I have patience in spades to do many things, but cutting out fabric using templates is not one of them. Traditionally, Endless Chain patterns are made with templates - which means that every piece of fabric in the quilt is cut out individually. The way I avoided templates while making Catena was to paper piece. Now I'm not saying that paper piecing is any less of a pain-in-the-neck than using templates. It's just a different kind pain that I can tolerate, while template cutting is not.
Drafting a pattern was the hardest part of the process. First I used a hexagon ruler and traced it on a piece of paper. Next, I had to be reminded of my high school geometry to figure out the angles and how to divide the hexagon into 12 wedges. Luckily I have smart friends who remember those things and helped me out.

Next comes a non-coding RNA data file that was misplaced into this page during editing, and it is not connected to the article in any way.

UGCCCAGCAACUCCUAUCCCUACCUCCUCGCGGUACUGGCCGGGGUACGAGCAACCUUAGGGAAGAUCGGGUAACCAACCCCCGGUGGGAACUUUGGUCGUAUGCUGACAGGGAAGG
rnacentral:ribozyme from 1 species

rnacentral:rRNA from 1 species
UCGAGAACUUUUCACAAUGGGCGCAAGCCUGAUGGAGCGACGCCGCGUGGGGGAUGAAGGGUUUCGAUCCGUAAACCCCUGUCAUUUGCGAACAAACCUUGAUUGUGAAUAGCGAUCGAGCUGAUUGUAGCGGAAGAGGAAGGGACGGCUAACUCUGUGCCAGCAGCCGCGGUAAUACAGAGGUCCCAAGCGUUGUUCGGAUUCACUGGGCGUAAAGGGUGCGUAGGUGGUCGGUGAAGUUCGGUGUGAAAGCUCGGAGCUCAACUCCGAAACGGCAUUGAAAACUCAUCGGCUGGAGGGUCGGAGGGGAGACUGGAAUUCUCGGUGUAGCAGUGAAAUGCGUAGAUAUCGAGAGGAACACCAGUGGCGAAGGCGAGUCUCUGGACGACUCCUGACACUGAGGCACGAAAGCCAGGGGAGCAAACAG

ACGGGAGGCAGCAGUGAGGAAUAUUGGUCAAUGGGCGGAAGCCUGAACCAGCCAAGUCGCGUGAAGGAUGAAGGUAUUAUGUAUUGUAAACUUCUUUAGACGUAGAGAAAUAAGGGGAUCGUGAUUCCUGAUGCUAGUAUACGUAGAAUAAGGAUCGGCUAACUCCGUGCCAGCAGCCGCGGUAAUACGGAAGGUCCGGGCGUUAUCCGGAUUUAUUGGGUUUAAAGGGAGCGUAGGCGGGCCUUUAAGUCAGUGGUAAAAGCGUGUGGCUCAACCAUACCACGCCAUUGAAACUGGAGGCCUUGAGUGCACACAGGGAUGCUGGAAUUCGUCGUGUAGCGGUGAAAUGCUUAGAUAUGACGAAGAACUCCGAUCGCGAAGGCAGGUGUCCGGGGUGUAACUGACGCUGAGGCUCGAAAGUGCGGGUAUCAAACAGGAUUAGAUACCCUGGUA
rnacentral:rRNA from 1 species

I cut the hexagon in half and added a 1/4 inch seam allowance around each piece. Now is a good time to make a few photocopies of the pattern. I had to remake the 1/4 inch pattern more than once because I kept using up the last one. Which is why this example looks like it was copied onto scrap paper. Because it was!Then I paper pieced the two halves, using the two fabrics. I alternated the fabrics around the wheel. I won't explain how to paper piece because I am sure there are a million tutorials/books/articles that explain how to do it much better than I can.
I sewed the two halves together and ripped the paper off of the back, and felt a big sense of accomplishment.
Finally, I a circle was appliqued onto the center. And I had a block. The beauty of the circle is that if your points do not come come quite together in the center, it doesn't matter. The circle covers that.
One down, many more to go to make the chain endless.